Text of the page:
Jesus was perfect in every way. There was no fault found in Him. He always had peoples best interest at heart in anything He did. He never sidestepped the will or the purpose of God. He never compromised or fudged the truth. He never sought to hurt, harm, or destroy others. Yet, despite His flawless nature, there were those who still sat in wait and watched Him suspiciously. What did they watch for? “They watched him . . . that they might accuse him,” (Mark 3:2).
Jesus was above sin in every way but He was still susceptible to the flapping tongues of people who didn’t believe in His ministry. He had to deal with people who shunned the very idea that He was the Son of God. He had to deal with people who didn’t believe He was anointed to do what He did.
Know this, just because you’re anointed, doesn’t mean people won’t try to find fault in what you do to accuse you. If anything, they will look all the more.
So, Jesus had these men watching Him for the sole purpose of seeing what they can say against Him. Nonetheless, Jesus could care less about their verbal attacks and suspicious thinking. What He cared about was the soul standing in front of Him. He cared about doing what He was anointed to do.
At that time there was a man in the synagogue with a withered hand who needed to be healed. The problem the accusers had with this is it was the Sabbath day. Therefore, they watched. They purposely looked for a reason to talk about Him and to try to discredit His ministry.
No one is above the scheming knick picking of the naysayers. If they sought to attack and accuse Jesus, what more will they do to His followers?
But, Jesus didn’t let it deter Him from His purpose. First, He asked, “Is it lawful to do good on the sabbath days, or to do evil? to save life, or to kill?” (Mark 3:4). When they refused to answer He knew they were motivated by nothing but the “hardness of their hearts,” (Mark 3:5). When your anointing is attacked you have to put peoples possible motives into proper perspective (Jesus wasn’t the problem, it was the hardness of their hearts.)
Next, Jesus spoke to the man who needed to be healed and said, “Stretch forth thine hand,” (Mark 3:5). The rest of that verse tells us when he did, “his hand was restored whole as the other.” Jesus was anointed to heal this man. In Luke 4:18 Jesus read and proclaimed, “The Spirit of the Lord is upon me, because he hath anointed me to preach the gospel to the poor; he hath sent me to heal the brokenhearted, to preach deliverance to the captives, and recovering of sight to the blind, to set at liberty them that are bruised.” He was walking in the ministry God set apart for His life.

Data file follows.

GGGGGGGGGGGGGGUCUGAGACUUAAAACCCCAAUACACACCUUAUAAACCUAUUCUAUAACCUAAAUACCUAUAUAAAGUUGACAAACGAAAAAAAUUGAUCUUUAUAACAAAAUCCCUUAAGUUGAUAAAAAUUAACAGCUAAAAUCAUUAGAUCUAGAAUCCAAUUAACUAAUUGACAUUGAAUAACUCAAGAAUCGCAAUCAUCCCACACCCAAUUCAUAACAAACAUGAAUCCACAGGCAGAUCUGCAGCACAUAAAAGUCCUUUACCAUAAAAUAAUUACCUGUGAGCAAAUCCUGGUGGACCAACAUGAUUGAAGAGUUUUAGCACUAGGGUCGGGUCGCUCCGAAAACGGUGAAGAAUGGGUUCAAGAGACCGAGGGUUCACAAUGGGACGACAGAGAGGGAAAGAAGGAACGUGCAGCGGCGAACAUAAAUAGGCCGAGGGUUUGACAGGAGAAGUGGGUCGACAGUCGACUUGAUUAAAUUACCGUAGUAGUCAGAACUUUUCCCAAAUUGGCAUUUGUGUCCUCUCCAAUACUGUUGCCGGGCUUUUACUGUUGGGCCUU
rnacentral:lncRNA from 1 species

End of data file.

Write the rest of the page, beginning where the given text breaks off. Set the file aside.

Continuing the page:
What is it God has called you to do? Are we afraid to move into that area because of what people might say? Please know, if they weren’t afraid to talk about Jesus, they will not be afraid to talk about you either. Instead of letting it get Him down, Jesus did what He was anointed to do. He healed the man in spite of it all. He knew their motives weren’t justified against Him. He knew they were literally just looking for a reason to talk, Mark 3:2. Does that mean we stop doing what God has called us to do?
Nay! We are to rise above the accusers as Christ did and work the calling of God on your life. Jesus didn’t seek to justify Himself before their eyes, He just did what He was anointed to do. More often than not one’s actions speaks volumes more than their words.
Does it mean it will stop them from talking and accusing? No. It goes with the territory. It means in spite of what they say you do what God says.
I’m not going to say it doesn’t hurt when people talk about you, put you down, and speak against your ministry – because it does. No matter what they say about sticks and stones: words do hurt. But Jesus even encouraged us in this area by letting us know, “Blessed are ye, when men shall revile you, and persecute you, and shall say all manner of evil against you falsely, for my sake. Rejoice, and be exceeding glad: for great is your reward in heaven: for so persecuted they the prophets which were before you,” (Matthew 5:11-12).
Anybody who has done anything significant for His Kingdom gets talked about and attacked (see Daniel 6:4-5 and Acts 23:28-29). Our job as individuals is to rise above the naysayers and accusers and do what God says; to be about our heavenly Father’s business no matter what.
SO REMEMBER, if you are walking in the will of God, just keep these three things in mind when your anointing is under attack:
- JUST because you’re anointed doesn’t mean you won’t be attacked.
- KEEP their possible motives in perspective. Often the problem isn’t you.
- DOING what God anointed you to do is what matters most, regardless of the accusers.
Therefore, it all boils down to one sure-fire way to rise above the accusers of your anointing: